Deep breathing exercises have been shown to greatly increase heart rate variability, and thus reducing stress. In a case study conducted using the AIO Smart Sleeve, 50 users measured their HRV before a stressful situation and after, while doing deep breathing. There was an average of 2.2 rise in HRV (out of 5 stars), which is quite significant.
The Ice Man
Maybe some of you are familiar with Wim Hof, creator of the Wim Hof breathing method. He is well known for immersing himself into ice baths for a record amount of time, and swimming under a sheet of ice in the arctic while only wearing goggles and a pair of trunks. How can he do that? When your body is exposed to that level of cold, your autonomic nervous system (ANS) is fighting like crazy to stay in balance. Deep breathing counteracts the negative affects on your ANS. Now not everyone can do this. But Hof has such exceptional control of his breathing that it almost completely wipes out the stressors that occur from being under such cold temperatures.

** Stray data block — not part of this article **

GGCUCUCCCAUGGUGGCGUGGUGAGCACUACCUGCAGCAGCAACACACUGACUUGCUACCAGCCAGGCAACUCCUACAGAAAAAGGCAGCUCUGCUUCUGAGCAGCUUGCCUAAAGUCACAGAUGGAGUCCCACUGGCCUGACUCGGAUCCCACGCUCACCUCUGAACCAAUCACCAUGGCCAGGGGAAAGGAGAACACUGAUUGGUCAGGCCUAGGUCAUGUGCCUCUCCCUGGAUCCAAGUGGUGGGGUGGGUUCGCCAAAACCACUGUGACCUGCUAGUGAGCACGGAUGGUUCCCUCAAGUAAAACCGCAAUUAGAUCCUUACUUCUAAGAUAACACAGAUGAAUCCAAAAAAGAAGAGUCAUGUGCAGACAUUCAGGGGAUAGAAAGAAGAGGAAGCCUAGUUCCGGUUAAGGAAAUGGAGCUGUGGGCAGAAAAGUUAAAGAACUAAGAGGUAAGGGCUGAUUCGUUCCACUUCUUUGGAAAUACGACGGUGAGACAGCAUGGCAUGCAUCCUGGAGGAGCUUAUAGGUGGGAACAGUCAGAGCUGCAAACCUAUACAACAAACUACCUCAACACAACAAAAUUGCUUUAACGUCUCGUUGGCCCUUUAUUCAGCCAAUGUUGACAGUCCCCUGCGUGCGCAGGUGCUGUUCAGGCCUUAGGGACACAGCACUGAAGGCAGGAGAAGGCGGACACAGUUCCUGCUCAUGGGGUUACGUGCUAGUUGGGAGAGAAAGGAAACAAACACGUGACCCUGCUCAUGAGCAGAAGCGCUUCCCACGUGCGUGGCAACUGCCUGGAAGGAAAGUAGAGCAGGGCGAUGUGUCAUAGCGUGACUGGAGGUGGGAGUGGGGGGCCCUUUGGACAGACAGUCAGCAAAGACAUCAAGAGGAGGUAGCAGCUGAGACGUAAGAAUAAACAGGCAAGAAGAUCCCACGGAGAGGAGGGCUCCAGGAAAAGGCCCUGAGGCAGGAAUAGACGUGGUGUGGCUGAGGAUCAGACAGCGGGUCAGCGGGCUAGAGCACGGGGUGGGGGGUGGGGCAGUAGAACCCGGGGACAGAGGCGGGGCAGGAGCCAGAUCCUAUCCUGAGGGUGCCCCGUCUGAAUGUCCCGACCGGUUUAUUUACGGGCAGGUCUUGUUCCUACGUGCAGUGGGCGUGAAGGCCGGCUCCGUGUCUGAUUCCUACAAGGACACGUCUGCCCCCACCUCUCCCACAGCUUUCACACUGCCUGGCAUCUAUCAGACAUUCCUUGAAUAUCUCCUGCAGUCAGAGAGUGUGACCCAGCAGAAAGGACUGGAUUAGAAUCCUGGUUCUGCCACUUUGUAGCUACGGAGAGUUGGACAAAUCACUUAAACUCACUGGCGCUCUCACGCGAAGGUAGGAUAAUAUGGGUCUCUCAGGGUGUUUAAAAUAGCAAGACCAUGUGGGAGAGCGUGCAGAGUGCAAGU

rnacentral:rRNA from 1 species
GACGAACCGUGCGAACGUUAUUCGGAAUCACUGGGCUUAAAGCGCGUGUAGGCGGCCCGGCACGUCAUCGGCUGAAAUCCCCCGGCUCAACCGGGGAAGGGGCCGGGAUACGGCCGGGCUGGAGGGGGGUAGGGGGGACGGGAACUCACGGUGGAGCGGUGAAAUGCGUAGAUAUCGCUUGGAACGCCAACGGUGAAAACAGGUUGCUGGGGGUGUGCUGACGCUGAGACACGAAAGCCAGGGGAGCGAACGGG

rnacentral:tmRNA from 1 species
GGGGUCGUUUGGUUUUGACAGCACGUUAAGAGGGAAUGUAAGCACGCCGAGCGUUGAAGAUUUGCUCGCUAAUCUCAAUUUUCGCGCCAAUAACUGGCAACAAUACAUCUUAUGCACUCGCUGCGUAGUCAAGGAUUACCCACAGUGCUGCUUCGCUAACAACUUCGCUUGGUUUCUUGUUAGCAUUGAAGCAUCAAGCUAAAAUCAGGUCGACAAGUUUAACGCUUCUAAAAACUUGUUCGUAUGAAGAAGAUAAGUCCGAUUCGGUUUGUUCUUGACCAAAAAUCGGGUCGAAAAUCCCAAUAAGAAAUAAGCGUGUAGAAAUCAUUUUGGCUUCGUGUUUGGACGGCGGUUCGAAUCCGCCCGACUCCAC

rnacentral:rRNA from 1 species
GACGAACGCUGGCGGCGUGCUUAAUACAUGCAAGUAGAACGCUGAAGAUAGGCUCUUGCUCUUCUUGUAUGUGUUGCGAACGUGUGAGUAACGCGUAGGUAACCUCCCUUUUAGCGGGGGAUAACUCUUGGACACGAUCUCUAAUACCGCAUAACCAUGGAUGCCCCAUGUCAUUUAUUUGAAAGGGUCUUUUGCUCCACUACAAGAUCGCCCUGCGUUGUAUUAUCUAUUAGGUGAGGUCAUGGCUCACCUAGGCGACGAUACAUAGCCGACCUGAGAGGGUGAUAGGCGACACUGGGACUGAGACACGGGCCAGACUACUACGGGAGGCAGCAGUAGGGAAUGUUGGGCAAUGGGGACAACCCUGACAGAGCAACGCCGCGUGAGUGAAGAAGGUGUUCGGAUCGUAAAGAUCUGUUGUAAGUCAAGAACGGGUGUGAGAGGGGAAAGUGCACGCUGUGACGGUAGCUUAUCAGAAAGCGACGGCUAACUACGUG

Although it’s not a widely used biomarker at this point in time, one thing is for certain; many researchers and clinical studies validate the use of HRV for every day living. According to World Health Organization (WHO), stress if the health epidemic of the 21st century, and heart rate variability might be the only tool that give us insight into the stress and mental health of an individual. While it’s maybe a couple years away from becoming the gold standard for health assessment, there’s still ways to use it now to improve your life.
In our next blogs we will bring up all the amazing research and show you how you can use it to improve your health.